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Taiwanese regulators clear Apple, other smartphone makers of violating data privacy laws

Taiwan's National Communications Commission on Wednesday announced a conclusion to its probe regarding methods by which certain smartphones, including Apple's iPhone, transmit personal data, ultimately finding that none of the 12 companies investigated breached local privacy laws.

A National Communications Commission office in Taipei. Image courtesy of Wikipedia.

A National Communications Commission office in Taipei. | Source: Wikipedia


The NCC's probe began in September as an audit of Chinese company Xiaomi over concerns that the firm's products automatically sent user data back to servers located in mainland China, reports Reuters. An additional 11 smartphone manufacturers, including foreign producers like Apple and Samsung, were added to the investigation earlier this month.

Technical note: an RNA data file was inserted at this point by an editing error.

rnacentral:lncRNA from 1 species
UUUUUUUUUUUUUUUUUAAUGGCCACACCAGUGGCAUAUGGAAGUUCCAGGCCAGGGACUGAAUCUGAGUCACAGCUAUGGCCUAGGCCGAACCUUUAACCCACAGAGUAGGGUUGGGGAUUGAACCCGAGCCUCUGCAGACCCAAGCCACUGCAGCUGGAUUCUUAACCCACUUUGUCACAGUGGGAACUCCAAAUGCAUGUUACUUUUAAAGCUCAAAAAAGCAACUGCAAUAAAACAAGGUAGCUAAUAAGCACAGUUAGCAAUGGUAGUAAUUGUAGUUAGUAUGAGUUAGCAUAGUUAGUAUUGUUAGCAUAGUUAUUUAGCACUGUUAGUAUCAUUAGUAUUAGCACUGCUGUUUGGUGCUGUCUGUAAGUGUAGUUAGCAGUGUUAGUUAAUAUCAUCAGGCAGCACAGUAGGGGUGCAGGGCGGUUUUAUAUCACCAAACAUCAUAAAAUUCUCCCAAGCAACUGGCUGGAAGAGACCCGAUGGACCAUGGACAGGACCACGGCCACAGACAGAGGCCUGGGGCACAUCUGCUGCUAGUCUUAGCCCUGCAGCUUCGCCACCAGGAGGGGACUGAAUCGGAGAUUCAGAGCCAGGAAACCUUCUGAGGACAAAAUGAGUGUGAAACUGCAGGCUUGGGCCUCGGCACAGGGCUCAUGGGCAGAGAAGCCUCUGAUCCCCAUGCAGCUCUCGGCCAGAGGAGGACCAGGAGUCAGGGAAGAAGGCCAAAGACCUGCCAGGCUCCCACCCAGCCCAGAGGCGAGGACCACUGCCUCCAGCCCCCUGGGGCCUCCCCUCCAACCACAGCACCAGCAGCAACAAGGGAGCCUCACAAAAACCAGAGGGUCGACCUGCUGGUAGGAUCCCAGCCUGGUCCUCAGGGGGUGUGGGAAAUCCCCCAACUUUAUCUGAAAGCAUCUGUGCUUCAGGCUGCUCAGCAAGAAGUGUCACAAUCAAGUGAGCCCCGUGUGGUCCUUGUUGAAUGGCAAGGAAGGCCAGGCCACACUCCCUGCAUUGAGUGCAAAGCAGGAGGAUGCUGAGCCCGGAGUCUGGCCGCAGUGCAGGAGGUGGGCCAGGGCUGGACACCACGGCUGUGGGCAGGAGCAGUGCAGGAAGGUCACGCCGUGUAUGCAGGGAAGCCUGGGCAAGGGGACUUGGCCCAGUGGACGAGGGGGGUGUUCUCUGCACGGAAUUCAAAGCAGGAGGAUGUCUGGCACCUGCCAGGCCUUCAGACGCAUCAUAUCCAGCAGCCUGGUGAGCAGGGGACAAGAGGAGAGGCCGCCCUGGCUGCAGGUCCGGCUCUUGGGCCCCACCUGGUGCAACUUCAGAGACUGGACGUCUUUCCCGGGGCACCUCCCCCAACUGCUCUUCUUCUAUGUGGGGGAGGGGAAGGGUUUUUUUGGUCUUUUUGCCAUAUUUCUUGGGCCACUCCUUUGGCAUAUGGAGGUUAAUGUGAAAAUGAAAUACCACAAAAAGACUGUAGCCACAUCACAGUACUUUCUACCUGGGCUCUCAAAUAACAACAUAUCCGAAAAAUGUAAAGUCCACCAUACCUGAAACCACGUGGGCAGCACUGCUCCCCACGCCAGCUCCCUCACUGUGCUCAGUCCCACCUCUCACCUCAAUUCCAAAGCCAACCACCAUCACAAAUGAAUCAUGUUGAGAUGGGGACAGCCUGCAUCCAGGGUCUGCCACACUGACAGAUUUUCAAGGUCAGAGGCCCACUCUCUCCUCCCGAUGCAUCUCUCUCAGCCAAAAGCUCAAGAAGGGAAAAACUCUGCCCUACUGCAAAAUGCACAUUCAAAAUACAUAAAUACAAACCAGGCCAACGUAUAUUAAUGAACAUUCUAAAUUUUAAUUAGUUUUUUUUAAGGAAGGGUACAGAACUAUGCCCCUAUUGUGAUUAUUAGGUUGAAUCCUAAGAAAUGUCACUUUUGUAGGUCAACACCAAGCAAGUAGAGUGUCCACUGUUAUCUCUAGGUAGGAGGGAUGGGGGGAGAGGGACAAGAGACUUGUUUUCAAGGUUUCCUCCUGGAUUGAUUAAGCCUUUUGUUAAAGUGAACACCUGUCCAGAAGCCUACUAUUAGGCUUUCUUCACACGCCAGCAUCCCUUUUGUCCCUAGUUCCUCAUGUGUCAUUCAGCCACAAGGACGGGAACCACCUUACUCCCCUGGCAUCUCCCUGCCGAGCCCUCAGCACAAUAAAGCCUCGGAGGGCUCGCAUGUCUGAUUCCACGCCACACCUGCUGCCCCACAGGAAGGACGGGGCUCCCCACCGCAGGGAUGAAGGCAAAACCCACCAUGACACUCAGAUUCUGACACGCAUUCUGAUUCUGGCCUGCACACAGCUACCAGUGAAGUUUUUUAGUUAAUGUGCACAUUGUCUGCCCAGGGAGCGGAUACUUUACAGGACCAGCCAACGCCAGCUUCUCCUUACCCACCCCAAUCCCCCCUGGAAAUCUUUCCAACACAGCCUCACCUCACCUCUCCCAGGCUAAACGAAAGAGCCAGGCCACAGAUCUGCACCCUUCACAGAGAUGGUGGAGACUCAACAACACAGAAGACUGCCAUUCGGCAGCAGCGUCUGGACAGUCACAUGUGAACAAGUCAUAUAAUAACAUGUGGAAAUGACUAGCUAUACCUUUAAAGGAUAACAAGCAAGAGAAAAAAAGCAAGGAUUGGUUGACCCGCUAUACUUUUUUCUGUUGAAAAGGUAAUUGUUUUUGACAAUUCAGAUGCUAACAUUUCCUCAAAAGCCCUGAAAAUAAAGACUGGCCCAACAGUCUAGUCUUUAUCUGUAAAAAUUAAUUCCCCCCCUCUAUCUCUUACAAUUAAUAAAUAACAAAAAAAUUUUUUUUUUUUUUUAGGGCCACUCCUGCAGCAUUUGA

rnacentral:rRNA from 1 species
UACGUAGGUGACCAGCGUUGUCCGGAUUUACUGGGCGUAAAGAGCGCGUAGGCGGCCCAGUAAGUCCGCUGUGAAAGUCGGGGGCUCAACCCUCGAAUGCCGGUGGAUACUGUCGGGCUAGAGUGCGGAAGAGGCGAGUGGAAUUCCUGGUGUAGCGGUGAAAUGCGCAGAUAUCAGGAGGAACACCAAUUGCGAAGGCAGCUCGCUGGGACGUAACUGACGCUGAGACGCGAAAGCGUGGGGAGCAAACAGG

Xiaomi made headlines in July after the company's Redmi Note handset was found to send private data like messages and photos to Chinese servers without user permission. The allegations were initially limited to Xiaomi, but later extended to other products and services thought to be in violation of Taiwan's Personal Information Protection Act.

"The key issue is that companies have to tell consumers if they are collecting their personal data or transferring it elsewhere," NCC vice chairman Hsiao-Cheng Yu said in early December. "Our law is quite strict."

Aside from Apple, Samsung and Xiaomi, the probe included handsets brought to market by LG, Sony, Huawei, ZTE, HTC, Asustek Computer, Far EasTone Telecommunications, Taiwan Mobile and InFocus.

While the investigation found no wrongdoing, NCC official James Lou said the government body is planning to request increased security safeguards from smartphone manufacturers.